In a press release sent to the France Presse Agency (AFP) on February 12, 2018, Laura Smet announced that she intended to challenge the will of her father, Johnny Hallyday. As per the terms of said will, Johnny Hallyday reportedly left all of his property and artistic rights exclusively his last wife, Laëtitia Hallyday, as permitted under California law.
What are the chances of success of such a legal action in light of the most recent case-law developments?
In two decisions handed down on September 27, 2017, the First Civil Chamber of the Cour de Cassation (French Supreme Court) held that “a foreign law designated by the conflict-of-law rule, which excludes forced heirship, is not, in and of itself, contrary to French international public policy and may be set aside only if its effective application to the case at hand results in a situation that is inconsistent with the French law principles deemed to be fundamental”.
These decisions settle the debate over how forced heirship should be articulated with French international public policy.
Notaries usually recommend inserting a penalty clause in so-called deeds of donations-partage (i.e. inter vivos gifts for the division of estate among the presumptive heirs) and deeds of testaments-partage (i.e. inter vivos testamentary partition of estate) in order to make sure that the wishes of the donor/testator will be respected by the heirs.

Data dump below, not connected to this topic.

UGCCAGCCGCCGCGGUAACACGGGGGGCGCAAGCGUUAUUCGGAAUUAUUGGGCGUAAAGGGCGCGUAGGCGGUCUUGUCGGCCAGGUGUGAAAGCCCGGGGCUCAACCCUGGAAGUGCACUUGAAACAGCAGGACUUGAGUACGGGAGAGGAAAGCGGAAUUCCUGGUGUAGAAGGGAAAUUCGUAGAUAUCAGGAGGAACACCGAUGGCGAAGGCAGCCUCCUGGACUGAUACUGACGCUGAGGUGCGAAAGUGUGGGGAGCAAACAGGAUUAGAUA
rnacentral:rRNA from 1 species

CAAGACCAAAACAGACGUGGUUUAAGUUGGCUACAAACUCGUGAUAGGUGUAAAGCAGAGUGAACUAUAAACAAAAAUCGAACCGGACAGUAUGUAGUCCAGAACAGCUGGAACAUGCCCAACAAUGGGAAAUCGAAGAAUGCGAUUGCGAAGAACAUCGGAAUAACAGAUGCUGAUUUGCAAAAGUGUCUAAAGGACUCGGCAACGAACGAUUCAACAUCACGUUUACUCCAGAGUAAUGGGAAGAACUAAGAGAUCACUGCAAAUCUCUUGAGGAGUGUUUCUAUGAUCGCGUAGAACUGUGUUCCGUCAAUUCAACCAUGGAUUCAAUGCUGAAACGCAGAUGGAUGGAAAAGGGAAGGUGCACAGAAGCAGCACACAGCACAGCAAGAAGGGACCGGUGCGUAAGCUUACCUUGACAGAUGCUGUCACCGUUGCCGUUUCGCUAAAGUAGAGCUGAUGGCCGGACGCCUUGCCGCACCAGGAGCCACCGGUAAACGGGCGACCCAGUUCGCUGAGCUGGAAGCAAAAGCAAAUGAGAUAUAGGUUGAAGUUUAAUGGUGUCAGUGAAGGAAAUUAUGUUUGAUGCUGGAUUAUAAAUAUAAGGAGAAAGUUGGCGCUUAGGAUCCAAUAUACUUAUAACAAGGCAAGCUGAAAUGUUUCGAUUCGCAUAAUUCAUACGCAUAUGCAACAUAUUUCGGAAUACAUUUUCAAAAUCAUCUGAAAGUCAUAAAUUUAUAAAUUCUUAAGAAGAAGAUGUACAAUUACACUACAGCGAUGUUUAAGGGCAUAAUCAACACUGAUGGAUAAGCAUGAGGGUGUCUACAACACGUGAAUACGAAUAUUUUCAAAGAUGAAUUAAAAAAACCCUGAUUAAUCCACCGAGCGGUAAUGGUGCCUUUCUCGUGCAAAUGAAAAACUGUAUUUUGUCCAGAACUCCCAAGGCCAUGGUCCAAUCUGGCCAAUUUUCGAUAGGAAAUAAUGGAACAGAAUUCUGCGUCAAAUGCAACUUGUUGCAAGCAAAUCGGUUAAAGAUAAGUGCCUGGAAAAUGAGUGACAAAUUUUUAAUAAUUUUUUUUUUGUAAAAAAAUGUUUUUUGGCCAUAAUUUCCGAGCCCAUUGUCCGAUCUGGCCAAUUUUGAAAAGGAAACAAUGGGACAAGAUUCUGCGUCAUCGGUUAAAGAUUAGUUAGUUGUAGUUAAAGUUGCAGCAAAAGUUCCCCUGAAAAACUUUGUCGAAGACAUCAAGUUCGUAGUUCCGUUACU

The effectiveness of such a clause – which is lawful under certain conditions – was already questionable in inheritance disputes as French courts seemed reluctant to order their enforcement.
In a decision dated December 16, 2015 , the Cour de Cassation (French supreme Court) refused to enforce a penalty clause inserted in a deed of donation-portage – even though all of the plaintiffs’ claims were dismissed – and held that it was not established that the initiated legal proceedings were abusive in light of the provisions set forth in Article 6 § 1of the European Convention on Human Rights.
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